Friday, 17 June 2011

At Last Some Voices of Reason on the Religious Hatred Law

Both the Herald and Scotsman have stories quoting various people expressing reservations about the upcoming Religious Hatred bill the SNP is planning to introduce. It's particularly interesting that some of the reservations are coming from the churches themselves.

After meeting Community Safety Minister Roseanna Cunningham, who is piloting the Bill, the Right Reverend David Arnott, moderator of the General Assembly of the Church of Scotland, said: “The speed at which it is being rushed through means it appears to lack scrutiny and clarity. The Government is rightly asking for support from across civic Scotland, but is not giving civic Scotland much time to make sure they are happy with the content.”

Catholic Church spokesman Peter Kearney said the “truncated timescale” reinforced the need for close scrutiny. He added: “Equally, however, the timetable does suggest that urgent political attention is being given to a high-profile problem. Tackling incidents of football-related intolerance in this way will allow a wider and longer debate to take place on sectarianism and its underlying causes, without the constant distraction of football-related incidents, which statistically account for less than 15% of sectarian offences in Scotland.”


The Law Society has also urged caution.

However, the Law Society of Scotland said the Bill is being pushed through Parliament too quickly and that the resulting lack of scrutiny may create legislation that is open to successful challenge.

Bill McVicar, convener of the society's criminal law committee, said: "We understand the importance of tackling sectarianism. This is a very serious issue and one that needs both attention and action from our political leaders. However, it is because of the importance of this issue that the Scottish Government needs to allow adequate time to ensure the legislation can be properly scrutinised.


It's good that there are now some prominent naysayers in this debate.

The actual text of the proposed bill has now been published here. Looking at it, it does seem less worrying that I feared it might be. I still don't agree with the restrictions on free speech, but it looks as though it won't have much effect on criticisms of Islam. First, the part of the bill that requires physical presence is specifically limited to "in relation to a regulated football match". Second, the part that relates to communications rather than physical presence requires an element of threat to be present and includes a reasonableness defence. Either Condition A or Condition B below must be fulfilled for the act to constitute an offence.

Condition A is that—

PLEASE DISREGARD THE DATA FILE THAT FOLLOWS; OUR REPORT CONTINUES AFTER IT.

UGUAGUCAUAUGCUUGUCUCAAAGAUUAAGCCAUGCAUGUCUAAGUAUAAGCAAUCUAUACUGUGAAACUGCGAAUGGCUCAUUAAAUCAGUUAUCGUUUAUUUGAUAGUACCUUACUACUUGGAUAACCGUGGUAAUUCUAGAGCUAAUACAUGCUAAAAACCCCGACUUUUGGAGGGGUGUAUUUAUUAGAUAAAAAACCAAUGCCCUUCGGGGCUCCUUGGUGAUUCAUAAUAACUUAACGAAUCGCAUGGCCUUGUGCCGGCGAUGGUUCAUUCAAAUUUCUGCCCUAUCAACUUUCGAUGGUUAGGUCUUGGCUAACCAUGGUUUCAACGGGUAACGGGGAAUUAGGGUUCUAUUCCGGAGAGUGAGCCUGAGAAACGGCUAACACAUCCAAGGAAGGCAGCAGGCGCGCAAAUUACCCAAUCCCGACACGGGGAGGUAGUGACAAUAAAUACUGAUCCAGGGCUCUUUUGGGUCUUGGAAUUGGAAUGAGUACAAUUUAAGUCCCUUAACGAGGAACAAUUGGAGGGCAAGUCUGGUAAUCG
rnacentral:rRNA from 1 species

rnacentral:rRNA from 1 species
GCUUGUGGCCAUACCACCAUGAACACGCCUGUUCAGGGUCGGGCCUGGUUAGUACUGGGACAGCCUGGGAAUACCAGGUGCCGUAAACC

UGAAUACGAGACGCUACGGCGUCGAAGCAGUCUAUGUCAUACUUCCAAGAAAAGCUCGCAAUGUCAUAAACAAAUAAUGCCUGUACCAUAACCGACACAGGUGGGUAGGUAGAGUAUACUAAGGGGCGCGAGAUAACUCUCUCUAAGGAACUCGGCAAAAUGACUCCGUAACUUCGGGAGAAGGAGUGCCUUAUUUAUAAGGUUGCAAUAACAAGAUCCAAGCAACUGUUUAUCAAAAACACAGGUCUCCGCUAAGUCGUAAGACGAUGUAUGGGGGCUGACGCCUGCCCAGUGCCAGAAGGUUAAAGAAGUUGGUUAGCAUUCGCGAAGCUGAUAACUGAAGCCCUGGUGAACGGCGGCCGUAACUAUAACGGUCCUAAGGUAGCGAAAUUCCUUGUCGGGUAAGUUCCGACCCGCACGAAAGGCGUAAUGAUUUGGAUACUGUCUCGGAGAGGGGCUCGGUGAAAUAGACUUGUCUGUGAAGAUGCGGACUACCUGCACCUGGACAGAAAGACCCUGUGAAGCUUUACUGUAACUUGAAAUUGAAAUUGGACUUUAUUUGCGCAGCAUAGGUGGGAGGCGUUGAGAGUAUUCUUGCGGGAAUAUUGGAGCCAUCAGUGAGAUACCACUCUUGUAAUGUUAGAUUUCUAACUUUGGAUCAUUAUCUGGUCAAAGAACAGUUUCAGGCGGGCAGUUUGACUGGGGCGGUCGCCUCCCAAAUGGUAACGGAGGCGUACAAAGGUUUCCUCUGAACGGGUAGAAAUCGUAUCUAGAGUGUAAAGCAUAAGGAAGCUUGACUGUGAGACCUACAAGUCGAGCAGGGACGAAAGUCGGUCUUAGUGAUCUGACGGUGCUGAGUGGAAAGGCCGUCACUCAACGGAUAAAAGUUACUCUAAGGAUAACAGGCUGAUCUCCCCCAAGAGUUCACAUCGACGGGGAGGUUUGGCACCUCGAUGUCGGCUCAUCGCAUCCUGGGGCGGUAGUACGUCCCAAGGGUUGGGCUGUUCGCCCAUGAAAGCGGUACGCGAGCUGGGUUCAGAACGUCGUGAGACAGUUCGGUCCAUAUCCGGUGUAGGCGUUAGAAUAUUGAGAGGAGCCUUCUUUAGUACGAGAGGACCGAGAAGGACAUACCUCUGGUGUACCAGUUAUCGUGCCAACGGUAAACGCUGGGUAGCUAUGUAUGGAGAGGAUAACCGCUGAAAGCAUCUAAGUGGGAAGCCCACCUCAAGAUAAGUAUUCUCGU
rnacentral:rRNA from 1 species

(a) the material consists of, contains or implies a threat, or an incitement, to carry out
a seriously violent act against a person or against persons of a particular
description,
(b) the material or the communication of it would be likely to cause a reasonable
person to suffer fear or alarm, and
(c) the person communicating the material—
(i) intends by doing so to cause fear or alarm, or
(ii) is reckless as to

...

Condition B is that—
(a) the material is threatening, and
(b) the person communicating it intends by doing so to stir up religious hatred.
(6) It is a defence for a person charged with an offence under subsection (1) to show that the communication of the material was, in the particular circumstances, reasonable.


The official press release about the bill also says this:

The offence will NOT:

Stop peaceful preaching or proselytising

Restrict freedom of speech including the right to criticise or comment on religion or non-religious beliefs, even in harsh terms

Criminalise jokes and satire about religion or non-religious belief


I still wish the bill would go away but it at least seems to be not as bad as I expected.

7 comments:

  1. @Cheradenine Zakalwe,

    " ... but it looks as though it won't have much effect on criticisms of Islam.

    Cheradenine did you write this before you had your first morning coffee, the communications section of this bill has the power to send you off to Saughton prison for 5 years plus for authoring this blog, I suggest you read it more carefully and attend Edinburgh Sheriff Court to witness first hand how these statute laws are translated in the reality of the court.

    I stress this bill has the power to close down this blog and place its author in Saughton prison for 5 years plus*.

    *Depending on how the charges are configured you could face multiple charges on a single actionable offence, 5 years on each charge.